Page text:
'Blockchain' is coming up more often in the world of ad tech, an industry that loves their buzzwords. But is there any validity to blockchain’s use in advertising? Writing exclusively for ExchangeWire, Jeffrey Seah, board member, Gravity4, talks about how blockchain is already being used in other industries, and how it has the possibility of combating ad tech’s ad fraud and transparency issues.
The term 'blockchain', and the ground-breaking theory behind its technology, was first propelled into the spotlight in 2008. Yet its unveiling, and subsequent development and industry vertical implementation, has always remained shrouded in a bit of mystery.
As most of us understood it to be, blockchain was first used in a whitepaper released by Satoshi Nakamoto, an alias for a masked person or group of people. The mystery of blockchain’s true value and application is still, more than 8+ years later, being uncovered; yet it remains one of the most talked about innovations in technology, with limited trial applications outside of the financial sectors.
And for good reason. Blockchain as a concept is startlingly logical, and its technology has the potential to truly transform a plethora of industries. With the boon in global commerce and trade, requiring multiple players to interact in business transactions, we have created a swath of disparate ledger systems to execute work at hand. This is particularly true within the piecemeal architecture underpinning media transactions within the marketing and advertising industries.
Before we delve into how advertising innovators are using blockchain to solve transparency issues in the supply chain and ad fraud, it is important to have a base level understanding of the underlying technology.
What is blockchain?
Blockchain is a largely misunderstood technology – as its applications are still being moulded and explored by various industries. The one thing that most analysts and leading technologists agree on is that, if this theory can turn into practice, it is going to increase productivity in every industry.
Blockchain is a digital ledger, which by recording every touchpoint of a transaction or business interaction in a public and chronological fashion, provides transparency, security and, by process protocol, trust.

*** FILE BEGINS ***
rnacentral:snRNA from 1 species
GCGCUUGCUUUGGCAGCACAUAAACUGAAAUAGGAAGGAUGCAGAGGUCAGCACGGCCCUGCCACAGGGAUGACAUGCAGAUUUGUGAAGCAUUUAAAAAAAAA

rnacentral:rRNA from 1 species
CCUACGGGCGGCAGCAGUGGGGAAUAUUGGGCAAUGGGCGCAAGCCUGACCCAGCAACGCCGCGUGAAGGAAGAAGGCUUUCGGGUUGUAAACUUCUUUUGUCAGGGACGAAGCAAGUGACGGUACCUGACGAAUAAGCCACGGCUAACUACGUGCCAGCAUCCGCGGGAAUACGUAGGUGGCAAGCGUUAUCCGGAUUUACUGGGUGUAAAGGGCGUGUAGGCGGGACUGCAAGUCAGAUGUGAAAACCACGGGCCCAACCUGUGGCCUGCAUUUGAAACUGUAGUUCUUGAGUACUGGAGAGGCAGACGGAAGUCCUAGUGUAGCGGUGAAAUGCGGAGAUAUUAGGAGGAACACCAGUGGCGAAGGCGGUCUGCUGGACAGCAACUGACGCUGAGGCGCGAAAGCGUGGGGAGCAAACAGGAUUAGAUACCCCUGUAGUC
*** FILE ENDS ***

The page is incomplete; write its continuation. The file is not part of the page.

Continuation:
The basis of most business is the movement of a sale – an exchange of value – through business protocol or a supply chain. By creating a shared form of record keeping, that is distributive, permissioned, and secure, every player in a transaction is fully aware of who touches what, and when. Everyone can see the ledger. No single person has ownership of the records. No one can change, add to, or delete from the ledger without it being permanently recorded. Whether it be hundreds of steps in a supply chain, or a single transaction, on the blockchain, the information is put into a block, blocked together, and fingerprinted. This transparency opens up all transactions to scrutiny; and it also instils implicit trust and accountability within business dealings.
Being from productivity-focused Singapore, most recently we saw Singaporean shipping giants partner with IBM to explore and trial blockchain technology for its supply chain networks.
Early innovators in the space have been predominantly focused on building out applications for industries that have traditionally relied on manual or poorly managed ledgers to execute work, such as the real estate, finance, or insurance industries. However, 'established disruptors', such as Gravity4, are using blockchain innovation to build a more transparent and efficient online marketplace for the advertising industry.
How will the advertising industry benefit from blockchain?